Neil Oyenekan, MD of Lagos-based Lighthouse Television and Filmworks, tells Content Nigeria about his new reality show The Justice Court and how he came to create the project.
Oyenekan, who had been developing and making TV programmes for over 10 years, says he was approached by a client who was concerned about the justice system, which led to him developing dispute resolution show The Justice Court, where real people present real cases in front of a judge.
Oyenekan says he realised it was an original idea as he could find no country in Africa with its own factual courtroom TV show.
“The further we looked into the grass roots situation, the more we began to understand such a show is needed, not just for TV but also for people in the community,” he says. “It is a brilliant entertainment show with an educational element that can be used to teach the mainstream about justice and also help the judiciary deal with cases they are probably overwhelmed by.”
He decided that, socially, a factual courtroom show would be “useful beyond entertainment.”
Oyenekan was keen to create a series directed at the primary market while maintaining the human element of the drama, and was aware the Nigerian audience had to warm to the concept.
The first 26-episode season is produced by Lighthouse and Avonix Nigeria and was shot at Hotsports Studios in Lagos. Fronted by Nigerian judge Funmi Asaolu, it launches tomorrow and will air on NTA2 on Saturdays at 6.30pm and Superscreen TV on Sundays at 8.30pm.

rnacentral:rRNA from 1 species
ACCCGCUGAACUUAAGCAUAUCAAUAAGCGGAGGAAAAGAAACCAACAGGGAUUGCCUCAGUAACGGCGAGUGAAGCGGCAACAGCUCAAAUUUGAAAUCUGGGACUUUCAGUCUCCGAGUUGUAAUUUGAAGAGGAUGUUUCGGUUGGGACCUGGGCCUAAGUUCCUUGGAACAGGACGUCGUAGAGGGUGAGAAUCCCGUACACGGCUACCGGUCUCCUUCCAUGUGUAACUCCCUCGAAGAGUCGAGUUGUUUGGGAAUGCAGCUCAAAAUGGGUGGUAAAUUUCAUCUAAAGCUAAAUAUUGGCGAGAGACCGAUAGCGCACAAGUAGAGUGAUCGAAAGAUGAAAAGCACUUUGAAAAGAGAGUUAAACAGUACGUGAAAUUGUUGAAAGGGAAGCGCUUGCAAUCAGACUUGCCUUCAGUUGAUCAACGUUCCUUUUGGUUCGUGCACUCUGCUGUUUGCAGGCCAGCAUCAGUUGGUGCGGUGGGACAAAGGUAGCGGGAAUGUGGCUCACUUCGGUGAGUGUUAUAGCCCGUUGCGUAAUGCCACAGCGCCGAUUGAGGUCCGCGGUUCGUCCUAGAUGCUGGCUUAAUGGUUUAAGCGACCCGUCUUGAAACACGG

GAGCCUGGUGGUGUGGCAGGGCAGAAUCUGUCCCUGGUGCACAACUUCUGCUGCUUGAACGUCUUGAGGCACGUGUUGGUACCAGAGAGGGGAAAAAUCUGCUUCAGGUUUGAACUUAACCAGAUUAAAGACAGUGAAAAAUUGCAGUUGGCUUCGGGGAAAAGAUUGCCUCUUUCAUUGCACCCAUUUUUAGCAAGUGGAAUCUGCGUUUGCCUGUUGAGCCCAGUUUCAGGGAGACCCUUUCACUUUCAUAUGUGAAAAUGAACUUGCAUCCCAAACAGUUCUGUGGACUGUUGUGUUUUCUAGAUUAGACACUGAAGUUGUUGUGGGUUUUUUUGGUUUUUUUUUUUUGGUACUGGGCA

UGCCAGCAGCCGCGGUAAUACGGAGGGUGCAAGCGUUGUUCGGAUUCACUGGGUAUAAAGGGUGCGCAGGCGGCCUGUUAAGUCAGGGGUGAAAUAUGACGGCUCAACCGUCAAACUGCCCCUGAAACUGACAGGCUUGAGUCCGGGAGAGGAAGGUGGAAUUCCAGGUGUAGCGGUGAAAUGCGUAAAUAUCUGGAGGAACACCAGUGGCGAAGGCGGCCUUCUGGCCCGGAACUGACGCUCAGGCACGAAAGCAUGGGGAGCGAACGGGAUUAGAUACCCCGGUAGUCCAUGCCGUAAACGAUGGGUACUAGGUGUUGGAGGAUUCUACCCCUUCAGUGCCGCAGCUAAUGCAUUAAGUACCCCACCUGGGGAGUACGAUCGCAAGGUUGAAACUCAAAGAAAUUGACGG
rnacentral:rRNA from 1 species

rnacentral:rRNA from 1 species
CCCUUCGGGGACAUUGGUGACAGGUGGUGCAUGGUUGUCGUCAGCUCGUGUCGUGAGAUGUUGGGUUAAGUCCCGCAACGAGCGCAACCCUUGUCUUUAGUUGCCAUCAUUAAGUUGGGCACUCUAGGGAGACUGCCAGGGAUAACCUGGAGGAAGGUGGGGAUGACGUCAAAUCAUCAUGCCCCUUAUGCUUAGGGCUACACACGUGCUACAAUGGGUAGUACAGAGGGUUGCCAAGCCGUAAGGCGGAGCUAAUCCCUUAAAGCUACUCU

In selecting a suitable network, one of the things Oyenekan was concerned about was finding one that understood the show and could give them the best time slots.
As to why he created the format rather than purchasing one from the international market, he says: “It’s all down to budget. We realised that occasionally you have to develop it from the bottom up, and if you cannot afford to buy a format then making yours is the way out.
“If formats from China can do well globally, what does Africa have that is still in hiding? Africa has a huge diaspora which is beginning to constitute a huge base of income. Some things are unique to Africa that are of interest to the rest of the world. We need to dig in more to see what’s there that is fascinating.”
Elaborating on what makes this show different, he says: “We identified that unless there is some kind of value for the viewer, it will just be entertainment. We created a format where the lawyer [Judge Funmi Asaolu] is a mediator who settles issues in society.
“If the viewer can see the court come in to its neighbourhood, then it makes it more relatable and closer to them. It is a show that means well.”
The show will also be tested in other African countries including Senegal and South Africa.